Other keys to the Iowa win:

Big lift from the Hawkeye bench

McCaffery has a well-documented reluctance to keep playing anyone who picks up two fouls in the first half. He seemed to reach critical mass late in the first half when five Hawkeyes, four of them starters, all were whistled for a pair of fouls. That put Isaiah Moss, Joe Wieskamp, Connor McCaffery, Tyler Cook and Garza out of commission with 6 minutes, 20 seconds left and Iowa leading 26-22.

The lineup at that point: Bohannon, reserves Maishe Dailey, Nicholas Baer, Kriener and walk-on Riley Till. Forward Cordell Pemsl's injury left McCaffery with only nine scholarship players at his disposal.

How long would McCaffery ride with that lineup? It became a moot point when the unlikely group started taking it to the Ducks. Till immediately blocked a shot; he grabbed three offensive rebounds. Kriener and Dailey hit 3-pointers. The Hawkeyes pushed the lead to 39-24 and even forced an exasperated Dana Altman, Oregon's coach, to call timeout.

It was a brilliant response from five players with their backs to the wall. Iowa entered intermission with a 39-28 lead as a result. And no one picked up a third foul.

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Iowa point guard Jordan Bohannon tells reporters why the Hawkeyes were so good in transition defense against Oregon. Listen in: Mark Emmert, memmert@gannett.com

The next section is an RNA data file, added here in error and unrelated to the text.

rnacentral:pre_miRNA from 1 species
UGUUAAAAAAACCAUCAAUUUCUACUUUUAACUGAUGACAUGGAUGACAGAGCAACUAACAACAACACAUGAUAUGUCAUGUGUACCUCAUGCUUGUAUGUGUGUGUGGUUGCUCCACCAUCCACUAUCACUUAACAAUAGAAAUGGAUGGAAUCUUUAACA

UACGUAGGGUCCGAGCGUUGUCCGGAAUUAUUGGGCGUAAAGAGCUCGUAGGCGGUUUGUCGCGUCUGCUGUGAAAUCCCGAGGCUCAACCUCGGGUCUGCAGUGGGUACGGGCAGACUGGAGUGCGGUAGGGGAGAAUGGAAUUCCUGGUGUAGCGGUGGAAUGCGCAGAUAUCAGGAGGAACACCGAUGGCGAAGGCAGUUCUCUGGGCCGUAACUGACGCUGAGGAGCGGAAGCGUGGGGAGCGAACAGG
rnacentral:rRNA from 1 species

"Huge shoutout to Riley Till for the way he came in and played. He has a lot to be proud of," Kriener said.

"(I had) no concerns. Those are the guys you go to battle with every day in practice. You know what they're capable of."

Working around Bol Bol

Bol was clearly on the Hawkeyes’ minds throughout the game, especially on the defensive end.

Bol roamed the court and surprised Moss with an early block on what appeared to be an open 3-point attempt.

The Hawkeyes didn’t back down, however. Bohannon later fed Garza for a layup against a smaller defender with Bol working the perimeter. Kriener went at him.

Bol had four first-half blocks, just one in the second half. Iowa showed good awareness of where he was and found ways to work around him.

"We were looking forward to this challenge," Cook said after grabbing a team-high 10 rebounds. "We're competitors. We want to come out here and play against the best."

A parade of 3-pointers

McCaffery has always said that anyone on his team has the green light to shoot 3-pointers. It certainly seemed that way Thursday. Eight of the 10 Hawkeyes who played drained at least one. A few of them were from NBA distance.

"I think we were just moving the ball really well," Bohannon said. "They're pressing obviously, full 40 minutes. We knew we were going to get open shots. It's just a matter of what kind of open shots we were going to get."

Connecticut won the opening game here based on its 3-point marksmanship as well (12-of-21). Both teams must have found the shooting backdrop to their liking.

And now they'll be meeting at 6 p.m. Friday to settle the championship of the 2K Classic.